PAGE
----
Hopeful news about a Covid-19 vaccine developed by researchers from the US government and Moderna Inc has created expectations – and markets – of the potential for a preventive measure against a global pandemic that has killed more than half a million people and increased everyday life.
Modern first announced its vaccine, with the support of the National Institute of Allergy and Infectious Diseases, which received an immune response in 45 adults in May.
On Tuesday, it published a more complete look at the data in a report in the New England Journal of Medicine.
But experts warned against rising expectations for the Moderna vaccine, one of many being worked on around the world, as it is still in its early stages of development.
The report was “really no reason to celebrate,”
“These are small studies,” Hotez added. “That’s why you have to do the big Phase 3 clinical trials on 10,000 to 30,000 patients,” he said.
The news comes as falls grow across America’s Sun Belt, a region that stretches across Southern California to Florida, and researchers not involved in the research noted challenges ahead.
Florida has crossed an ominous threshold with more than 300,000 cases of Covid-19. Oklahoma Republican Gov. Kevin Stitt said he had tested positive for Covid-19, the first known case of a U.S. governor.
And the United States’ foremost infectious disease expert, Dr. Anthony Fauci, made a clear call to the White House to stop “nonsense”, citing criticism of his efforts, in an interview with the Atlantic.
More than 150 laboratories worldwide are working to develop Covid-19 vaccines, most in the early stages. The mother’s vaccine is one of 23 in human studies, and a handful entered phase 3 in clinical trials.
Moderna is one of five pharmaceutical companies that have received billions from the US government in a vaccine development initiative called Operation Warp Speed. Later this month, Moderna and a handful of other laboratories will begin recruiting tens of thousands of volunteers to take the vaccine.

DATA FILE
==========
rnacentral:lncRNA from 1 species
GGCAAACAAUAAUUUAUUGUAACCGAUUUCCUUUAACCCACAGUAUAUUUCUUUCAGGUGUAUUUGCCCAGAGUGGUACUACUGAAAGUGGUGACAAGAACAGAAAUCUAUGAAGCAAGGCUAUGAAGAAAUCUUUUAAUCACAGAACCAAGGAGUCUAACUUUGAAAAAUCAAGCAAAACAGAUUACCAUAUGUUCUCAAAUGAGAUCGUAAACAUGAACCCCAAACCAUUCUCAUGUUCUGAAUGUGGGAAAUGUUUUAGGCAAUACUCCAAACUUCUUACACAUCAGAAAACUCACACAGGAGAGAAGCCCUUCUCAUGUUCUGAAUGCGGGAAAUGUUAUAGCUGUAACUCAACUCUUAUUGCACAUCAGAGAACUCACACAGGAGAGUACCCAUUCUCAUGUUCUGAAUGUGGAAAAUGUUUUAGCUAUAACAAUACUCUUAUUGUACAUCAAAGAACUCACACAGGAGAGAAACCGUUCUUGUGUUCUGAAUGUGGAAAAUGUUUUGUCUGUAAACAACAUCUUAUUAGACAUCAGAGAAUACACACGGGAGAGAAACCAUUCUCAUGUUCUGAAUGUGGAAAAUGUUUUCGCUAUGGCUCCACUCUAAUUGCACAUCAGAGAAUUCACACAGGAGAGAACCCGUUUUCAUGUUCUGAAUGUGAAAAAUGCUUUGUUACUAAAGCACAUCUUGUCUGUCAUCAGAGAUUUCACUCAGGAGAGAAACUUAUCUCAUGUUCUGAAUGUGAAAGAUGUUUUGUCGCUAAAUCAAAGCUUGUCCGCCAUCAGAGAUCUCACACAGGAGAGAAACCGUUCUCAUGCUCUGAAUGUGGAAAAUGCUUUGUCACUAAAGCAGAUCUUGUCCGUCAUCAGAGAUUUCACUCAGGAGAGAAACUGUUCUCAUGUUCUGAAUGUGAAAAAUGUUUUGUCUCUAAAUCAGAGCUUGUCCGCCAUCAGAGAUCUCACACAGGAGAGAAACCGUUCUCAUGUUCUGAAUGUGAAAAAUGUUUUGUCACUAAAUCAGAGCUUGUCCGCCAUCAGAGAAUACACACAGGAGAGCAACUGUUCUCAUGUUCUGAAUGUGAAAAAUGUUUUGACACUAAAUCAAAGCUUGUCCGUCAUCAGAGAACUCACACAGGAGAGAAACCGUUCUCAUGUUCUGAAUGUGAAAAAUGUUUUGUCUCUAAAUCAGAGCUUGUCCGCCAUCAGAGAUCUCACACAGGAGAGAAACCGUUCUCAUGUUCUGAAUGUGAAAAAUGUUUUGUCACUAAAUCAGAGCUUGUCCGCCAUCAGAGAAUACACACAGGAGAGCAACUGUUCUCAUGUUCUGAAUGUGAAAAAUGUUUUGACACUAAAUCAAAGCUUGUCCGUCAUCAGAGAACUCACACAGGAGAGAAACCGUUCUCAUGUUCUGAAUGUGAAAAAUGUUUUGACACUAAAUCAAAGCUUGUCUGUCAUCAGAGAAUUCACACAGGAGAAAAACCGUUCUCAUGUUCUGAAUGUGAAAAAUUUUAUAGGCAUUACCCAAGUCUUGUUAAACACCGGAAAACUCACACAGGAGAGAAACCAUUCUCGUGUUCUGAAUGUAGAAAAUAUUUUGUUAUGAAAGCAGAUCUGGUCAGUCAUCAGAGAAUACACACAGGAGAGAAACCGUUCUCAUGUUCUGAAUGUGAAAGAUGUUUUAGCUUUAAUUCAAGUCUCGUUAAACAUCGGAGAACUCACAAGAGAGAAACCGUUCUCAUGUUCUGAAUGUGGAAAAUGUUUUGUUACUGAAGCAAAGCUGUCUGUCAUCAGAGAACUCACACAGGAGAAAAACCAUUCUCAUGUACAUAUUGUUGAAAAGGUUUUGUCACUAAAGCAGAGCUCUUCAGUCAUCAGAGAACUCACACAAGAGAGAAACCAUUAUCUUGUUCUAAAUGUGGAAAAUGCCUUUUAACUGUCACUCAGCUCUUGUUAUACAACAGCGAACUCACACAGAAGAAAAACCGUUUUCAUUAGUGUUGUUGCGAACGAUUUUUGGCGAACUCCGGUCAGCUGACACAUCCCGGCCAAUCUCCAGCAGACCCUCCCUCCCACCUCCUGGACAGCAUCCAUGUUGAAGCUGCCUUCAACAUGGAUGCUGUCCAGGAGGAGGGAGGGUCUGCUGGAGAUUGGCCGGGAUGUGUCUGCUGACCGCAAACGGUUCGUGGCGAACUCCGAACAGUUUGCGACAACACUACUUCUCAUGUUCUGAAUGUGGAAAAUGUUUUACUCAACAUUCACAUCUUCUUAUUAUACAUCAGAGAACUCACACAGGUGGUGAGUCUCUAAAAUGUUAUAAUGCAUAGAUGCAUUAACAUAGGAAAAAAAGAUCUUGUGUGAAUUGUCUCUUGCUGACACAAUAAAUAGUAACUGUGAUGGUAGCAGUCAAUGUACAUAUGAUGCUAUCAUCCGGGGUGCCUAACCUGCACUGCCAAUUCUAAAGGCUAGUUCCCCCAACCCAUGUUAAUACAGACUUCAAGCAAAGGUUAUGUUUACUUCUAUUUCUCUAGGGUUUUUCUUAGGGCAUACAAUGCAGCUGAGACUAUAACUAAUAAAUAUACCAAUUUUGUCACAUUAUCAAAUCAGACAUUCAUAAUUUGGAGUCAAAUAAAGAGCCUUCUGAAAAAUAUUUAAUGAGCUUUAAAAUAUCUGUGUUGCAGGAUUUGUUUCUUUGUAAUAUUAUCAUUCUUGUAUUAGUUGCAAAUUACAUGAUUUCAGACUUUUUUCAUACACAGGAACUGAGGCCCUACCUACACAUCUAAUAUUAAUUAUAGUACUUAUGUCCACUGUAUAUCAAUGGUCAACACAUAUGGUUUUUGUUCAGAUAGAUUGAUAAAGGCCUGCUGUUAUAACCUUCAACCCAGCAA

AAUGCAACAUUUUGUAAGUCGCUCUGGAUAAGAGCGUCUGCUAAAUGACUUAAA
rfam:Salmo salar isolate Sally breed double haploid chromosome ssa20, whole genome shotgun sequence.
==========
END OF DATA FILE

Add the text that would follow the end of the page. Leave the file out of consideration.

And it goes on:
Future studies must balance safety and efficiency. In other words, how much dose of the vaccine is necessary to make it effective while minimizing unpleasant and potentially harmful side effects?
“The safety and immunogenicity data in this preliminary report are promising, and they support the continued development of this vaccine,” said Dr. Penny M Heaton, CEO of the Bill and Melinda Gates Foundation Medical Research Institute, in an editorial accompanying the Moderne study. “But we must remember the complexity of vaccine development and the work that still needs to be done before Covid-19 vaccines are widely available.”
Notably, researchers from Moderna have abandoned a higher dose of the vaccine because it did not appear to provide a better immune response and gave worse side effects, including headaches, chills, fever and fatigue.
At the same time, researchers have to contend with Covid-19 antibody tests that can be unreliable. It is also unclear how long an immune response can last. One year? Six months? The modern study reported the results after 57 days, although researchers will follow the participants for one year.
In addition, older people who are most exposed to Covid-19 may face special challenges. Older people may need more of the vaccine because their immune systems are generally less sensitive. The same phenomenon occurs in flu vaccines, Heaton wrote.
In light of so many unknowns, basic questions remain as to when and if a vaccine will be developed for Covid-19, and what it will look like once approved.
“Everyone has said, ‘We will have these vaccines this fall or by the end of 2020,’ and I keep saying, ‘No, we’ll need these Phase 3 studies,'” Hotez said. “We will not have the information until the third quarter of 2021, and even that would be a world speed record.”
The news has also renewed criticism of Operation Warp Speed and how to distribute an approved vaccine fairly in a world where taxpayers subsidized its development and demand will exceed supply many times over.
“We are now two months on Operation Warp Speed and people across the country still have no idea if the pharmaceutical company’s CEO Trump was responsible for it ensured some assurances regarding the availability and value of vaccines developed with taxpayer dollars,” said Eli Zupnick, spokesman for Patients Over Pharma, a group critical of pharmaceutical companies.